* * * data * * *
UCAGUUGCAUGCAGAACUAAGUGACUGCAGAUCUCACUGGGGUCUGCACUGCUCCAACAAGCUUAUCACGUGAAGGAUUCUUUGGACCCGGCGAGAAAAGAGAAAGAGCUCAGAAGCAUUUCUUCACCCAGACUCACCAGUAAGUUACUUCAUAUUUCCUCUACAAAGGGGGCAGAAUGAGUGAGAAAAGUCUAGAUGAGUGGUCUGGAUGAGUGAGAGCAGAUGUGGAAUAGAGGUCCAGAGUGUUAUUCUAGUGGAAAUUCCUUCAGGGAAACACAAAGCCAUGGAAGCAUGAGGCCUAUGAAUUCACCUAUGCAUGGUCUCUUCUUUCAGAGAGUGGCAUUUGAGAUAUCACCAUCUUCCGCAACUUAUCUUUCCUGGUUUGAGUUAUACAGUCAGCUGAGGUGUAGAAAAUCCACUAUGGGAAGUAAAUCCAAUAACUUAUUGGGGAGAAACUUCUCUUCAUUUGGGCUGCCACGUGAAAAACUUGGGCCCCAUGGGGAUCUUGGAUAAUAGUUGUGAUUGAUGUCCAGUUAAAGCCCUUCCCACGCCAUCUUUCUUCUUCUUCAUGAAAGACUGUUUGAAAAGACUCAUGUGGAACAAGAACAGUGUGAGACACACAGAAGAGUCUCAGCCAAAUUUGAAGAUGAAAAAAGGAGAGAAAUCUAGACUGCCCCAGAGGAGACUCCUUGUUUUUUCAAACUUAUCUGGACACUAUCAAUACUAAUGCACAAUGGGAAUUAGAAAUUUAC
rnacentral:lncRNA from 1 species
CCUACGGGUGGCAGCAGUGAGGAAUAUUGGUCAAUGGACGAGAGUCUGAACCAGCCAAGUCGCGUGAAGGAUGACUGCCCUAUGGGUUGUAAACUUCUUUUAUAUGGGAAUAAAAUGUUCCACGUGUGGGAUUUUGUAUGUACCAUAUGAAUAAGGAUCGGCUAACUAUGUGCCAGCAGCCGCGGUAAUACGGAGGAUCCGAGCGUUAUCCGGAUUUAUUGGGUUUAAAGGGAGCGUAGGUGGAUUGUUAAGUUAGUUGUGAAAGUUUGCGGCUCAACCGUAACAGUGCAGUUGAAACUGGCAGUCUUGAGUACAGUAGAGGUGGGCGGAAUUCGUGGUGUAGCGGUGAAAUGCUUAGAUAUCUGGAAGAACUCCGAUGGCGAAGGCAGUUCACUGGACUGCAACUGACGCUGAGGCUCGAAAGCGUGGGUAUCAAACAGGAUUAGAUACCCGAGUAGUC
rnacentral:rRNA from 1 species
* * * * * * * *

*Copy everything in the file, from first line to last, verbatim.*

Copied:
UCAGUUGCAUGCAGAACUAAGUGACUGCAGAUCUCACUGGGGUCUGCACUGCUCCAACAAGCUUAUCACGUGAAGGAUUCUUUGGACCCGGCGAGAAAAGAGAAAGAGCUCAGAAGCAUUUCUUCACCCAGACUCACCAGUAAGUUACUUCAUAUUUCCUCUACAAAGGGGGCAGAAUGAGUGAGAAAAGUCUAGAUGAGUGGUCUGGAUGAGUGAGAGCAGAUGUGGAAUAGAGGUCCAGAGUGUUAUUCUAGUGGAAAUUCCUUCAGGGAAACACAAAGCCAUGGAAGCAUGAGGCCUAUGAAUUCACCUAUGCAUGGUCUCUUCUUUCAGAGAGUGGCAUUUGAGAUAUCACCAUCUUCCGCAACUUAUCUUUCCUGGUUUGAGUUAUACAGUCAGCUGAGGUGUAGAAAAUCCACUAUGGGAAGUAAAUCCAAUAACUUAUUGGGGAGAAACUUCUCUUCAUUUGGGCUGCCACGUGAAAAACUUGGGCCCCAUGGGGAUCUUGGAUAAUAGUUGUGAUUGAUGUCCAGUUAAAGCCCUUCCCACGCCAUCUUUCUUCUUCUUCAUGAAAGACUGUUUGAAAAGACUCAUGUGGAACAAGAACAGUGUGAGACACACAGAAGAGUCUCAGCCAAAUUUGAAGAUGAAAAAAGGAGAGAAAUCUAGACUGCCCCAGAGGAGACUCCUUGUUUUUUCAAACUUAUCUGGACACUAUCAAUACUAAUGCACAAUGGGAAUUAGAAAUUUAC
rnacentral:lncRNA from 1 species
CCUACGGGUGGCAGCAGUGAGGAAUAUUGGUCAAUGGACGAGAGUCUGAACCAGCCAAGUCGCGUGAAGGAUGACUGCCCUAUGGGUUGUAAACUUCUUUUAUAUGGGAAUAAAAUGUUCCACGUGUGGGAUUUUGUAUGUACCAUAUGAAUAAGGAUCGGCUAACUAUGUGCCAGCAGCCGCGGUAAUACGGAGGAUCCGAGCGUUAUCCGGAUUUAUUGGGUUUAAAGGGAGCGUAGGUGGAUUGUUAAGUUAGUUGUGAAAGUUUGCGGCUCAACCGUAACAGUGCAGUUGAAACUGGCAGUCUUGAGUACAGUAGAGGUGGGCGGAAUUCGUGGUGUAGCGGUGAAAUGCUUAGAUAUCUGGAAGAACUCCGAUGGCGAAGGCAGUUCACUGGACUGCAACUGACGCUGAGGCUCGAAAGCGUGGGUAUCAAACAGGAUUAGAUACCCGAGUAGUC
rnacentral:rRNA from 1 species